How serious(ly stupid) they are

… or: the de-academisation of academia.
The other day I received a mail – one of many of this kind, though this time I have had a closer look as it had been addressed to
Dear Xiaoming,
Greetings from Journal of Accounting and Marketing!!
Bit strange – though I get admittedly occasionally mixed up with names of my Chinese colleagues, Xiaoming did not ring a bell at all. Also admittedly I (= Peter) published recently something on accounting, I was a bit surprised as my take on accounting is not necessarily that which suits the mainstream. Anyway, I was reading on. The usual rubbish and spam. Noting about three different URLs is surely not a matter suitable for establishing trust. The fact that the URL fur submissions is a hidden behind the term MARKETING is surely not suggesting that all this is about serious academic stuff. Also their reference to something that I supposedly wrote, read by them with great interest and appreciation …
Well, Mrs. Nancy Lisa, Managing Editor, Journal of Accounting & Marketing … E-mail: – you surely deserve more and other than a personal reply, marking your stupidity. You would even deserve more than a blog-post …. (though you may read this also with great interest and appreciation … – One day you may even have to read your-journals …
… and still there is a big
As bad as such publishing spammers are, there is another dimension to all this: the de-academisation of academia. Another example, side by side with others mentioned  earlier, we may also look at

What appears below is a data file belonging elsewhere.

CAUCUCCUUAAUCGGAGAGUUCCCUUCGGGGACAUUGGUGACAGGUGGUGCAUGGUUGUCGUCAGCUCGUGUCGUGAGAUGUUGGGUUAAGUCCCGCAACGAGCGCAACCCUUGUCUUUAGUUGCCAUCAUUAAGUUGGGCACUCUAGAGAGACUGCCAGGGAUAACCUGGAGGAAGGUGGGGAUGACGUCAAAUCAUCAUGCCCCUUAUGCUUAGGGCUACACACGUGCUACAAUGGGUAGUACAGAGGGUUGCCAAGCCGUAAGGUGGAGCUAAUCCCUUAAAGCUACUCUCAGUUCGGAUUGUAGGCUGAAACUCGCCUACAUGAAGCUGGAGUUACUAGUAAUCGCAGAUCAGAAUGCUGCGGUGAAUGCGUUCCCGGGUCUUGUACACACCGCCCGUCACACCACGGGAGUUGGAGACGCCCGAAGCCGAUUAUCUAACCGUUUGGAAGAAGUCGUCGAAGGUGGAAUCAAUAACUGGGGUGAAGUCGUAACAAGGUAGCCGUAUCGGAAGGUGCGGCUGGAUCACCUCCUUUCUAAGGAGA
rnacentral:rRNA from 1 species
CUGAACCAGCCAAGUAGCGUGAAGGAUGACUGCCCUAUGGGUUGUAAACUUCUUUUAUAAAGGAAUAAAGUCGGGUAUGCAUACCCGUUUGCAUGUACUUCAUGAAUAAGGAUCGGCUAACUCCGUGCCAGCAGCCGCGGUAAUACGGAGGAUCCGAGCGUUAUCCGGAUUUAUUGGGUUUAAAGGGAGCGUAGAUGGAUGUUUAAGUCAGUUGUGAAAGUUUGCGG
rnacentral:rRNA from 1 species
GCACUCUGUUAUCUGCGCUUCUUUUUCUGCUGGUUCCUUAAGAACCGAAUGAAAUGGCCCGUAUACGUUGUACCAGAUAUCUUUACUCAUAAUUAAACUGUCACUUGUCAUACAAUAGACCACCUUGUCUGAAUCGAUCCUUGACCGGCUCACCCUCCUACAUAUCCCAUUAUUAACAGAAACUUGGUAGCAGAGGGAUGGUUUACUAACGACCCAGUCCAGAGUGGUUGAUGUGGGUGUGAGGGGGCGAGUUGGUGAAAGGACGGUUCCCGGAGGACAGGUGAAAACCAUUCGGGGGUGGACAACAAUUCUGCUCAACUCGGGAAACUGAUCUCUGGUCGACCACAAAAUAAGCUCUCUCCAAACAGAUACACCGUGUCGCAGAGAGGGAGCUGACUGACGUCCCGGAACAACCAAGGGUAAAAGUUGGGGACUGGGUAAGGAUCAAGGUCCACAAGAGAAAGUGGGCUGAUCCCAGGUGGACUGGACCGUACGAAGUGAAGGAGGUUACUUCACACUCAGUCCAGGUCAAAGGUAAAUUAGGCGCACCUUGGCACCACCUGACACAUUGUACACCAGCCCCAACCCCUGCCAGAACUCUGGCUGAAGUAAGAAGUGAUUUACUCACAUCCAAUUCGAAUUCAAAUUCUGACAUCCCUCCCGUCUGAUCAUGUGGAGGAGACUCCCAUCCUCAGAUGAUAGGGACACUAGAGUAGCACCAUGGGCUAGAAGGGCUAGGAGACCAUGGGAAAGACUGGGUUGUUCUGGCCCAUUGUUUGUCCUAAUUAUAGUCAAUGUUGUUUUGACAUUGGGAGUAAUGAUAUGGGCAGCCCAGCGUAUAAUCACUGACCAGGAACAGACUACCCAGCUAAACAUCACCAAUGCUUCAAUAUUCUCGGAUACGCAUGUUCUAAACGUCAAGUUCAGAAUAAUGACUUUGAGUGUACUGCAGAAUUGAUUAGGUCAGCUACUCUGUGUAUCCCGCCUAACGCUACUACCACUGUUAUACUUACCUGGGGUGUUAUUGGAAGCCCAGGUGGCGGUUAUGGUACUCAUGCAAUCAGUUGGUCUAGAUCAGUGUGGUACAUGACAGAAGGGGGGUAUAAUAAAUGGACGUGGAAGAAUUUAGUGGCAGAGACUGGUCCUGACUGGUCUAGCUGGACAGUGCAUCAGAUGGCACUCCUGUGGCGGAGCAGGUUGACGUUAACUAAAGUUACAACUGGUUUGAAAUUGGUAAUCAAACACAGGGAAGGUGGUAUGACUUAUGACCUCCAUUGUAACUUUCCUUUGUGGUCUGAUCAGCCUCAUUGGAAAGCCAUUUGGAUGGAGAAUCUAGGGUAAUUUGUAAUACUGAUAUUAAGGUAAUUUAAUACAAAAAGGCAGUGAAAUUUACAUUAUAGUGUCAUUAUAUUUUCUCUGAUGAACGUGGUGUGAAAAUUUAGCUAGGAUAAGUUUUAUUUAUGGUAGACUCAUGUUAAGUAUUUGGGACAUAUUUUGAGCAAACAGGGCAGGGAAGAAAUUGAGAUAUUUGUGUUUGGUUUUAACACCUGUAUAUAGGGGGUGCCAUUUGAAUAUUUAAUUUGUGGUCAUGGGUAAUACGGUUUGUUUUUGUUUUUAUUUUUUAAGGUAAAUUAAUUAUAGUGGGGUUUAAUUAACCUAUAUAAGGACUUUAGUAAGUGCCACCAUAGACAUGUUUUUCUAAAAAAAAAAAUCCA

about whom The Economist reported a while back. There is an interesting detail that deserves attention:
… one study found that for every dollar spent to comply with government rules, voluntary spending on bureaucracy totalled $2 at public universities and $3 at private ones. Robert Martin of Centre College in Kentucky, a co-author of the study, says the real reason for the growth in spending is that administrators want to hire subordinates, thereby boosting their own authority and often pay, rather than faculty, over whom they have less power. Bureaucrats outnumber faculty 2:1 at public universities and 2.5:1 at private colleges, double the ratio in the 1970s.
Should we be surprised to see that
[o]ne result of all this is growing “resistance, anger, grumpiness, and eventually backlash” to the proliferation of diversity officials.
Well, in this light Nancy is probably just a poor person, not willing and not able to see that she is actually a cogwheel of a machinery that is not much else then a mafia of today’s time. – … scrupulous … stultification!

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